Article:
Parents opposed to the new boundaries for Visalia Unified School District’s latest middle school are demanding a redo before the school opens next year, but school board president Juan Guerrero said the board’s decision is final.
“It wasn’t an easy decision,” Guerrero said. “We knew some schools and some families would not be happy.”
Several Fairview Elementary School parents held a protest outside the district office Tuesday evening and said they are considering going to court on grounds that parents were not properly notified.
“We’re mad. We’re frustrated, mainly because it wasn’t communicated to any of us. That’s what upsets us the most,” Teresa Duran, a mother of a Fairview second-grader, told the school board in Spanish.
Maria Flores, who has a sixth-grader at the north Visalia school, said in an interview before the meeting that many Fairview parents speak only Spanish and never received information about boundary proposals being considered by decision makers.
“We feel the school district discriminated,” Flores said.
Guerrero said it appears in retrospect that Spanish-speaking parents at Fairview “could have been involved earlier.” It may be time that an interpreter is present at each school board meeting, he said.
Assistant superintendent of administrative services Robert Groeber said a letter in English and Spanish was sent home with students at the beginning of the process, and information was available in Spanish on the district website via a “translate” function, and a recorded message to home phones was sent in the language preference indicated in school records.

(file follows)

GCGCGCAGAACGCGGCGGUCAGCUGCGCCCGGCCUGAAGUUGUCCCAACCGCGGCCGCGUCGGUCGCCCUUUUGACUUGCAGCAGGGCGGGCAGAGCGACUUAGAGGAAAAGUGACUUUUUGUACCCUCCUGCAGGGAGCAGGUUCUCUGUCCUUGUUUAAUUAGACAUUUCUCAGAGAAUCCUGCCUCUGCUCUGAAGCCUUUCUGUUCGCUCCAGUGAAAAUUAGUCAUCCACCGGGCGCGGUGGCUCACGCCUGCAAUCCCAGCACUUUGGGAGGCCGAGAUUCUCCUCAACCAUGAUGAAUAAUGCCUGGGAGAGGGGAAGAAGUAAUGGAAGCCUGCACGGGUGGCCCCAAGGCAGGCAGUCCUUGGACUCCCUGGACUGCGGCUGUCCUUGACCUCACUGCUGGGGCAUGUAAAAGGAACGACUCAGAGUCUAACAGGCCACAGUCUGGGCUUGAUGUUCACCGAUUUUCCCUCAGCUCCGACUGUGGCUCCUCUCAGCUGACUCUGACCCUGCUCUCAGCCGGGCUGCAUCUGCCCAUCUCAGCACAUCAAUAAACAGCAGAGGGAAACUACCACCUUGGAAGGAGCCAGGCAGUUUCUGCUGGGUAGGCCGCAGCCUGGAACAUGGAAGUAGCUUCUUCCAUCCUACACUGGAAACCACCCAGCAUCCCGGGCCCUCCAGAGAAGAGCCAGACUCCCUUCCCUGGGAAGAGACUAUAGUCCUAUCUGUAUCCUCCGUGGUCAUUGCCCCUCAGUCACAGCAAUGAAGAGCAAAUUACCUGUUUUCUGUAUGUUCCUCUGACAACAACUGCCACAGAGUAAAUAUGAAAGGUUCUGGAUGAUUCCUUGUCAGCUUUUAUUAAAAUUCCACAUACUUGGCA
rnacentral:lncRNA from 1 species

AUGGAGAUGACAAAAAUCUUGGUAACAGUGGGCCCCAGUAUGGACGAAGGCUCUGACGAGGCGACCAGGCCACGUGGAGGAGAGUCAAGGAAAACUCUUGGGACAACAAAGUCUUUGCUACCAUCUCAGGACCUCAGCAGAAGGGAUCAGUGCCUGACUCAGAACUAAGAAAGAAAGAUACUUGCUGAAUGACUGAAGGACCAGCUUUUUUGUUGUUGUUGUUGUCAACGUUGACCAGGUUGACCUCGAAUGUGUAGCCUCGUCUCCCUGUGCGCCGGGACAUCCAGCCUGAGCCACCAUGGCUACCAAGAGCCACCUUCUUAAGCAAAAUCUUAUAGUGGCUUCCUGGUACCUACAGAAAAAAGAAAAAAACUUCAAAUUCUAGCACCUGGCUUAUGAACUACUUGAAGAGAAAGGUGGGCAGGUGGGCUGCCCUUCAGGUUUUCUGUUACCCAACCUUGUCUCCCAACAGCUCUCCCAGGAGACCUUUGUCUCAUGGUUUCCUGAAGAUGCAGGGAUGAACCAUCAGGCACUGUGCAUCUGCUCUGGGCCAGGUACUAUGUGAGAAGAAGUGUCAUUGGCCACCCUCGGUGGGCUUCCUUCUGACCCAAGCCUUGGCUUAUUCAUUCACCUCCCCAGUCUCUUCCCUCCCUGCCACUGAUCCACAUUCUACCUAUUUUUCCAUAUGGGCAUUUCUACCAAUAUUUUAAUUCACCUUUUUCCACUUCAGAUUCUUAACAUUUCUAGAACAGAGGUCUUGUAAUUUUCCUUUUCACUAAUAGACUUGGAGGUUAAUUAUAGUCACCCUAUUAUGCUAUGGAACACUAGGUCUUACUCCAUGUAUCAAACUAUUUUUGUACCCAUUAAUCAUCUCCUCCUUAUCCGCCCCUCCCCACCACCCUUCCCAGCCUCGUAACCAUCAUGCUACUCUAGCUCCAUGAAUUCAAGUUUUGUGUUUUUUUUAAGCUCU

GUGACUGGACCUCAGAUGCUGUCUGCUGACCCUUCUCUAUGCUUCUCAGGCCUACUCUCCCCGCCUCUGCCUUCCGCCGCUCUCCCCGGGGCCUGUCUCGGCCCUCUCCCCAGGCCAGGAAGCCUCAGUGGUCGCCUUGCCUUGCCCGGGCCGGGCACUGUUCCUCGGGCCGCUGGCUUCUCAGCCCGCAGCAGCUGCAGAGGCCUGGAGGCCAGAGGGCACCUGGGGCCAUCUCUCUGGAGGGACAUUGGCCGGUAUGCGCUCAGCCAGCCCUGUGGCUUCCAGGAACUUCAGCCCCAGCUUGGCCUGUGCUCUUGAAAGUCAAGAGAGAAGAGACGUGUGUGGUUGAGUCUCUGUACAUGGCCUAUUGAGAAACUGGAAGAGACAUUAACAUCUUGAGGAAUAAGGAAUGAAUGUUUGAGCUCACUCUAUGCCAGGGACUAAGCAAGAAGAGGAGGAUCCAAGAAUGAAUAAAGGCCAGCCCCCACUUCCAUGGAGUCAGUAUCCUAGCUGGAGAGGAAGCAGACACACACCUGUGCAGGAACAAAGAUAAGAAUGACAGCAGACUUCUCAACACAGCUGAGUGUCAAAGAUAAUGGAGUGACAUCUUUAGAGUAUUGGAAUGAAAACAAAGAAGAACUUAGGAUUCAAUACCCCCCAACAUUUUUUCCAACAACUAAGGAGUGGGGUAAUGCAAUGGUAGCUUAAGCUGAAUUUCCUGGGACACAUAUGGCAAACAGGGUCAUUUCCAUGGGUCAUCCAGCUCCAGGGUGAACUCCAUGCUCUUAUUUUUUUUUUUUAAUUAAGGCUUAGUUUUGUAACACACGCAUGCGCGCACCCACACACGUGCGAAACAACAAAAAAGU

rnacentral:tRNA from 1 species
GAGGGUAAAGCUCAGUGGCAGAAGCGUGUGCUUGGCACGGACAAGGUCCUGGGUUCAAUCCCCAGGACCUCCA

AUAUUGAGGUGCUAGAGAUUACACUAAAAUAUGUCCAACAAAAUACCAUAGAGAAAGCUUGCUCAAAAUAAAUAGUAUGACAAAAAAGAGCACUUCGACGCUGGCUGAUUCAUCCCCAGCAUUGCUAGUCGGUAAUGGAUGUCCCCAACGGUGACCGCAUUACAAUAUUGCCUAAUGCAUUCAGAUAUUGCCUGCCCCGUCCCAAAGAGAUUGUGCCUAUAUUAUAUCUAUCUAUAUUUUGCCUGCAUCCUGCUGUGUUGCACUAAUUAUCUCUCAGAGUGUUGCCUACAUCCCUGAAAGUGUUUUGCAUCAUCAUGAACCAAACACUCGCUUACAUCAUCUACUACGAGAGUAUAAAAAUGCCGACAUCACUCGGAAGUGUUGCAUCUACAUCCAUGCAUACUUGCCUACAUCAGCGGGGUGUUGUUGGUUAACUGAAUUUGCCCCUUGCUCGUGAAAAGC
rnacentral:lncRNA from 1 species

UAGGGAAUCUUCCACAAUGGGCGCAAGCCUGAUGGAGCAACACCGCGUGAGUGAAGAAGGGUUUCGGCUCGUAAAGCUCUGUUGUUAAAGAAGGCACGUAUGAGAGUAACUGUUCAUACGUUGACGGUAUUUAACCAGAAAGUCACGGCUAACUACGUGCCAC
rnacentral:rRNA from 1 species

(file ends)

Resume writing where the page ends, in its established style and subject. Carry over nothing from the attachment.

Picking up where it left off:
As well, social media and a smartphone app were used to relay information, he said.
Flores responded that many Fairview parents simply don’t own computers or have Internet access.
We knew some schools and some families would not be happy.
Juan Guerrero, school board president
Fairview parent Elsa Lopez said the complaints involve more than the process.
A major problem for most Fairview parents is that the new boundaries send Fairview students entering seventh grade to the new middle school near Riggin Avenue and Akers Street, she said.
That’s much farther away than Green Acres Middle School where students go now, she said. Maddeningly, students at Shannon Ranch Elementary, which is closer to the new middle school than Fairview, will continue going to Green Acres, Lopez said.
Guerrero said the final map was the result of a process of elimination that considered ethnic breakdown and other factors.
Because of the distance from the Fairview school area to the new middle school, which has yet to be named, the district will provide bus transportation. But Fairview parents said there would be times when students would be walking a long distance home or to school.
“It’s not safe,” said Lopez. “There’s homeless and two very busy streets to cross.”
High school boundaries were also changed.
Instead of going to Redwood High as is now the case, Fairview-area students will feed into Golden West High, which is also farther away.
School officials said there’s a “soft landing” option during the first years of the changeover in which parents can choose which middle school and high school – the old one or the new one – their children attend.